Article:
The Ferdinand was extremely slow and had a high fuel consumption of .15/.11 km/l, respectively. Moreover, rough terrains completely crippled the vehicle. In any case, the Ferdinand performed well in the Battle of Kursk as it approached the battlefield.
Lastly, when the Elefant arrived in Italy, most roads and bridges could not support its colossal weight, hindering their involvement in offensive roles.
- 4. Russian T-35
The Russian T-35’s spectacular failure symbolises why these giant land ships don’t work. The T-35 was a product of a bygone era. However, it served more as a symbol of power and might rather than practicality. With five independently operated gun turrets, it was almost ten metres long and four metres tall.
However, like the Elefant, it was extremely sluggish and slow-moving. As a result, it was difficult to operate or even manoeuvre in battles. To make matters worse, the tank had a cramped interior where crew members were divided into separate compartments.
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The crew got in and out of the tank from the hatches on the turrets. These turrets and cannons were in a poor position, which made it near-impossible to focus fire. The tank had a 11–30 mm armour plating – prone to penetration by heavy rifles.
In Operation Barbarossa, nearly all T-35s suffered crippling mechanical failures on their way to the front lines. Funnily enough, the T-35 had this weird habit of breaking down right before combat. Unlucky, or rather lucky, for the crew. Overall, considering these tanks as mere oversized coffins would not be a stretch of the imagination.
- 3. New Zealand The Bob Semple Tank
The tank, named after New Zealand Minister of Works Bob Semple, was built out of the country’s need for military machinery. They made it out of corrugated iron with armour like a steel case. The creators made a rookie mistake of quantity over quality and packed the tanks with six Bren light machine guns.
But that can’t be bad, right? Wrong.
The guns were in the wrong places – next to useless due to their lack of workability. Still, while the tank was an utter failure, New Zealanders developed a kind of cultural fondness and pride for the tank and their homeland as a symbol of self-reliance.
Bob Semple. A Proud (and brave) man to have put his name to this tank.
- 2. Czech Tančík vzor 1933
The tank, made by the Czechoslovakian army, was copied from the Carden-Lloyd Mk. IV tankette right down to many of its core design elements. However, the Mk. IV was purely to drag artillery pieces and provide support. The idea behind the Vzor was a highly mobile machine gun nest, capable of moving quickly from position to position and serving as a counter to any major infantry attack.
Unfortunately, the Vzor was not all it desired to be. It was poorly armed, inadequately armoured, noisy and with little room for the gun. Moreover, it moved at a plodding pace. Hence, hitting a target was difficult, making it essentially useless. Despite its unreliability and tendency to break down at the worst moment, the army pushed forward with it until eventually they could not think of a role for it any longer.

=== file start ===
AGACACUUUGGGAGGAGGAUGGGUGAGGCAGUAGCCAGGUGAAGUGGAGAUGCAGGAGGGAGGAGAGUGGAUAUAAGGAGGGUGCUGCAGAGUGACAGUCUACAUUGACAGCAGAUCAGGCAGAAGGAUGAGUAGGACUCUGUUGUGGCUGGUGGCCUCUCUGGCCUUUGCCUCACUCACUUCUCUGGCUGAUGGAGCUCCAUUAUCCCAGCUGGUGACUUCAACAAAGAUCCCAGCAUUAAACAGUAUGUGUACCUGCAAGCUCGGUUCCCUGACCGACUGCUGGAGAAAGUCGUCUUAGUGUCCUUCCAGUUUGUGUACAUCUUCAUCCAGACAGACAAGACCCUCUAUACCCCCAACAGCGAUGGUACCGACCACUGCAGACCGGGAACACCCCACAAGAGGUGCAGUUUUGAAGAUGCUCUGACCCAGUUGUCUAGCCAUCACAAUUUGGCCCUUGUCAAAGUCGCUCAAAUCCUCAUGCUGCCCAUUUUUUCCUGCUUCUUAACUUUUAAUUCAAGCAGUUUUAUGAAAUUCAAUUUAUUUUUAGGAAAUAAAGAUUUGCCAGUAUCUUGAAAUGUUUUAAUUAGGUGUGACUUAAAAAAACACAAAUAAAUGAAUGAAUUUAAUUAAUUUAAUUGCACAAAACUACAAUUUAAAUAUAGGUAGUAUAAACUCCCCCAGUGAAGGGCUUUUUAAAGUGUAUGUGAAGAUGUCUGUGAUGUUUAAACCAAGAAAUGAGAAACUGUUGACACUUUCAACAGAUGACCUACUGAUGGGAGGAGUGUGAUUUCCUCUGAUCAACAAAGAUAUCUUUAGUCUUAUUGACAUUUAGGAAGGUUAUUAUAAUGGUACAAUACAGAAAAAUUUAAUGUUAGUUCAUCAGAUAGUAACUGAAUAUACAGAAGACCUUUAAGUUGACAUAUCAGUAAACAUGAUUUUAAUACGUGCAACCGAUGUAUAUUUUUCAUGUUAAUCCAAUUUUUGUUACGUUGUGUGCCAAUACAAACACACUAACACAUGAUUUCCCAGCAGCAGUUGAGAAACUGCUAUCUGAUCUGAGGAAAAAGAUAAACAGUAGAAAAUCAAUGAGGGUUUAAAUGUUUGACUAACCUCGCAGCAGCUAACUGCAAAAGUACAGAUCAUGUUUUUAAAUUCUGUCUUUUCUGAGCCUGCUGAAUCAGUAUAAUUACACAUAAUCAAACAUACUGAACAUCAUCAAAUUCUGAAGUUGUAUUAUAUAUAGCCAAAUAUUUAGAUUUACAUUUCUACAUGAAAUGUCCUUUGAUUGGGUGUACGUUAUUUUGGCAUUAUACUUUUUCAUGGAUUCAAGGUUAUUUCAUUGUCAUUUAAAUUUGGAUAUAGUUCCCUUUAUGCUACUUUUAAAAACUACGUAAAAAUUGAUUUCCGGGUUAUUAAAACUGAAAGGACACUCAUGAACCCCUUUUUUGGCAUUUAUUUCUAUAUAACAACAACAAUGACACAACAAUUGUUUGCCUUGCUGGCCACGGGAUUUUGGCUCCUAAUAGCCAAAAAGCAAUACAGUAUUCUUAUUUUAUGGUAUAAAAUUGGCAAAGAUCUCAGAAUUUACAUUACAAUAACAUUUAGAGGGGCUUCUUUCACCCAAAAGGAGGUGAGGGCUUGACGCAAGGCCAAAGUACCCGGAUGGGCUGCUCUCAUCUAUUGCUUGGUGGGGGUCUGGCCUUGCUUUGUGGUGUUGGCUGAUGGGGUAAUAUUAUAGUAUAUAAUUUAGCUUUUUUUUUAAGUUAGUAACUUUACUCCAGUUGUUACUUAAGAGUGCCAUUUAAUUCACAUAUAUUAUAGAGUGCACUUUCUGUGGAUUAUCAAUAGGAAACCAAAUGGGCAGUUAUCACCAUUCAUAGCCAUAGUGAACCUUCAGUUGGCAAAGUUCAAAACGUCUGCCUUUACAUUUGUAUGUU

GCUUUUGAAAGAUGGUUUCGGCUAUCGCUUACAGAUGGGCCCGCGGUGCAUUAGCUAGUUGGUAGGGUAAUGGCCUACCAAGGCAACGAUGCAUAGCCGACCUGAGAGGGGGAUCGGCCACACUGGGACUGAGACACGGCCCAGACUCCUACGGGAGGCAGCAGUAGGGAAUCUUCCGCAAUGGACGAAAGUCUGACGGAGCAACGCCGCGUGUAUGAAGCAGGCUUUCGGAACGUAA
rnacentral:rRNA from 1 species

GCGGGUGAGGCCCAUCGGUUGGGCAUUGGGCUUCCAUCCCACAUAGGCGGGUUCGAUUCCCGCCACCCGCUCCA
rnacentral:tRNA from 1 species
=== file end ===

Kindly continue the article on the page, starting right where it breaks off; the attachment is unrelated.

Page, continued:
The Czechoslovakian army used the tank in only a few minor suppression actions by the Czechoslovakian military against partisans during the Slovak National Uprising.
- 1. British A38 Valiant
We finally made it to the worst tank on the list. Pat yourself on the back if you’ve made it this far!
Designed in 1943 and produced the following year, the A38 Valiant was built to correct the British army’s shortcomings in Burma. Thus, the basic concept was to make as small and light a tank as possible with as much heavy armour as possible.
Unfortunately, the final design fell far short from the idea.
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The Valiant was severely under-gunned, with only a single 6pdr (57mm) main gun, lacking any variant of the bow-mounted machine gun. Despite being intended as a light design, the vehicle was slow and had low mobility even by the standards of British infantry tanks.
Even the armour was considered inadequate. Certain sections were made from cast metal, and many others bolted together. It was a process that was long ruled out in tank design as it was extremely dangerous for the crew.
In addition, the ergonomics of the tanks were out of sync. The driver had to pull all his weight behind each lever to operate it, making driving nearly impossible. Even the commander was unsafe: a slight bump against a sharp edge meant concussion. What’s worse? Getting your foot stuck in the pedals meant the only way out was through an amputation!
Despite this and the failings of essential trials, the Valiant still found its way into the British military. Soon after the UK shut down the project, it was sent away and displayed as an example to new officers, showing them what the past offered.
So there we have it. From mechanical disasters to under armed and under armoured monsters. The 10 worst tanks of WW2.